A major goal for the marketers using Twitter is driving as much traffic as possible to their websites.
An elementary pre-condition for getting clicks on your links is having your tweets seen by other people. The more people see your tweets, the more potential clicks.
Today’s case study shows you how to increase the reach of a tweet
– without increasing your number of followers,
– without paying for Twitter ads,
– and even without the help (retweets) of your friends or fans.
1. My Twitter Test Conditions
– in order not to get results influenced by retweets, I repeated the test for different pairs basic tweet / improved tweet until one pair got no retweets.
– the two tweets were sent one time each, on the same day of the week (Wednesday, October 1 and respectively October 8), at the same time, from the same account.
– the results were measured after a period of one week for each tweet: from October 1 till October 8 for the first tweet, and respectively from October 8 till October 15 for the second tweet.
– the measurements are provided by the same third-party reliable source: Twitter itself (Twitter Analytics)
2. The Minor Improvement Many Tweeps Don’t Bother With
The basic tweet (no improvement):
Hard work doesn’t guarantee success, but improves its chances. – B. J. Gupta via @tquoteseday
The improved tweet:
— Adrian Jock (@IMTipsNews) October 1, 2014
As you can see there was a simple improvement: I’ve added a hashtag that shows the topic of the tweet. Now let’s see the results…
3. The Hashtag Increased the Reach of the Tweet by 23,810%
While the basic tweet got 127 impressions, the improved tweet got 30,366. (Impressions: number of times users saw the tweet on Twitter)
Two legit questions could be asked now:
– why did such a minor change produce such a difference?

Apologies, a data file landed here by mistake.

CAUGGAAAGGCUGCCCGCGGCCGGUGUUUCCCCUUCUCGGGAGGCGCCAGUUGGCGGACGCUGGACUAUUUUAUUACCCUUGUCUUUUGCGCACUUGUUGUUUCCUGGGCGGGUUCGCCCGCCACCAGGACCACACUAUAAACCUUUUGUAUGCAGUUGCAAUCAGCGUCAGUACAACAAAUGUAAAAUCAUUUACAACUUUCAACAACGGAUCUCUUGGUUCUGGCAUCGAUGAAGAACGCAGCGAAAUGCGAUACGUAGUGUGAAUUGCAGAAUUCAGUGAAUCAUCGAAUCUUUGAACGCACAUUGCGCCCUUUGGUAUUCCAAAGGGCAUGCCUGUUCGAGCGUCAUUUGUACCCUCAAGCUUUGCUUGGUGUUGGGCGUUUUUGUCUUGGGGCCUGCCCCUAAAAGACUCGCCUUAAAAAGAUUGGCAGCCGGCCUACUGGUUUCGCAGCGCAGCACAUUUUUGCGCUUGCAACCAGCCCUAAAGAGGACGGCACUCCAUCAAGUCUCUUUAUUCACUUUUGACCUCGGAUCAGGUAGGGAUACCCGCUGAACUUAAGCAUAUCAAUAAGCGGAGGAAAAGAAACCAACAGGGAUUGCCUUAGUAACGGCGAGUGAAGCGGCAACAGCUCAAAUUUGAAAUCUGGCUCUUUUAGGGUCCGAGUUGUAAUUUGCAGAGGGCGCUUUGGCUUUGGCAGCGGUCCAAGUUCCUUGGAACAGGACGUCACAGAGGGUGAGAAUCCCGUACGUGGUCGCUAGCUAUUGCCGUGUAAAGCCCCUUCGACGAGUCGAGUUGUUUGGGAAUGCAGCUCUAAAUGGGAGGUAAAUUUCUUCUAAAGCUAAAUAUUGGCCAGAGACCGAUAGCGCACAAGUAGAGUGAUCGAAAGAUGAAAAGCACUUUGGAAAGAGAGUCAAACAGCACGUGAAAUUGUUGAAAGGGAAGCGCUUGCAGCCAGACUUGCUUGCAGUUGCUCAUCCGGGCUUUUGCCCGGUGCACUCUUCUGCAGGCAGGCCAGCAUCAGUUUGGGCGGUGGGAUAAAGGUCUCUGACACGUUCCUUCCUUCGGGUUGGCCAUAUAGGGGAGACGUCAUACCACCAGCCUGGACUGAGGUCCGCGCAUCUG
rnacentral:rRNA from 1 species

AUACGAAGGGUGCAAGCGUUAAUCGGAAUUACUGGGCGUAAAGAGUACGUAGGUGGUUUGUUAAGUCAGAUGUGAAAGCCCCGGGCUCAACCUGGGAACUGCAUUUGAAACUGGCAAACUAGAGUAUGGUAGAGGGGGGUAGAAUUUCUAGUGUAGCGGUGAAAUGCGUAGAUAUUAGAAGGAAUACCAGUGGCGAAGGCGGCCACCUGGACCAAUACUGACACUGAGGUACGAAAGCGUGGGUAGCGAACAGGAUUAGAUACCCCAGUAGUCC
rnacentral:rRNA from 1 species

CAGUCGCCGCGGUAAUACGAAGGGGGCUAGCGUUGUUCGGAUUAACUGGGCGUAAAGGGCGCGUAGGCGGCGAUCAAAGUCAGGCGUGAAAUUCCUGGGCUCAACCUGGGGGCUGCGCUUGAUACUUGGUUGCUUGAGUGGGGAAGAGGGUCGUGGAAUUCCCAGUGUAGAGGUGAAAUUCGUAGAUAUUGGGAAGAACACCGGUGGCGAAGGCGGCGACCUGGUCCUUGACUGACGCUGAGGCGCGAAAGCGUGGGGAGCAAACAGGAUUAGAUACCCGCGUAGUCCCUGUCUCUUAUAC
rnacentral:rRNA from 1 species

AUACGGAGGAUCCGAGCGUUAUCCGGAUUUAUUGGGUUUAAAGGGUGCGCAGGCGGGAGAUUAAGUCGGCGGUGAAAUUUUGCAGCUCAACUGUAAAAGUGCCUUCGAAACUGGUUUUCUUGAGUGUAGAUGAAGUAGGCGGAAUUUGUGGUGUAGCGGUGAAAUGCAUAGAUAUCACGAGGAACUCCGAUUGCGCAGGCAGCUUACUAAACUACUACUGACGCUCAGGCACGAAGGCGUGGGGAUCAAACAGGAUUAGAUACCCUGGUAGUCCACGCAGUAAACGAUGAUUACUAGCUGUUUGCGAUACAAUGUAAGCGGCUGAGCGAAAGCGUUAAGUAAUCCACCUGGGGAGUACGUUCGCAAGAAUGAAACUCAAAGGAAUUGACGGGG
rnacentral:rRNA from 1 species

– how come a tweet sent to around 2,800 followers was seen by over 30,000 persons without being retweeted or promoted?
There’s a simple explanation:
For various reasons, many Twitter users searched for success quotes. Twitter’s search algorithm didn’t detect the fact that the basic tweet included a success quote. Why is that? Because the word quote wasn’t included in the tweet. Makes sense, doesn’t it?
4. What You Should Learn From This Small Twitter Test?
Your tweets are seen by a small fraction of your followers. That’s why resharing the same tweet multiple times isn’t a mistake, but a must.
[A word of caution: Sharing the same tweet multiple times doesn’t have to be understood as sharing the same thing, again and again, every half an hour or so. THAT is a mistake.]
The Potential Reach metric shown by some social media tools isn’t real. It actually shows your number of followers. The real Potential Reach is way much bigger due to retweets and Twitter’s search feature, and it cannot be predicted by these tools.
If you use the hashtags wisely, the reach of your tweets can be dramatically improved.
5. What You Should NOT Learn From This Twitter Test?
Hijacking hashtags, i.e. adding trending hashtags not related to your tweet.
This practice will increase your reach, but the potential traffic – if any – will most probably bounce. So it’s useless. On the other hand, you could annoy your followers and also the people who searched on Twitter for the hashtag that you misused. You could even be reported for spam.
Adding the hashtag sign in front of random words from your tweet.
Don’t do it! A common mistake made by many tweeps is adding the hashtag sign in front of adjectives (example: #free), verbs or very generic words not related to a specific topic (example: #IDidIt).
Figure what your tweet is about and what related keywords are missing from the headline but could be added as hashtags. THIS could get you a healthy improved reach.
Using a hashtag that no one else uses.
This practice is unlikely to improve your reach. Be sure that the hashtag you plan to use for improving the reach is actually used by other people.
(Note: Using for branding purposes a hashtag no one else uses is OK. But that’s another story, different from the topic of this article.)
If hashtags improve the reach, then… the more hashtags the better?
Many people, including me, consider that hashtag abuse is annoying and it’s a noob mistake. However, how many hashtags are too many?
Some social media power influencers (according to Forbes, not according to me!) don’t seem to care about this topic…
According to Buddy Media’s study quoted by Buffer, “When you use more than two hashtags, your engagement actually drops by an average of 17 percent.”
So… how many hashtags are too many? You decide for yourself!
To Your Twitter Marketing Success!
P.S. Your turn. Do you use hashtags on Twitter? Do you monitorize your metrics? Did you notice an increase of the reach for the tweets that included hashtags?
P.P.S. Follow me on Twitter for more interesting internet marketing tips & news.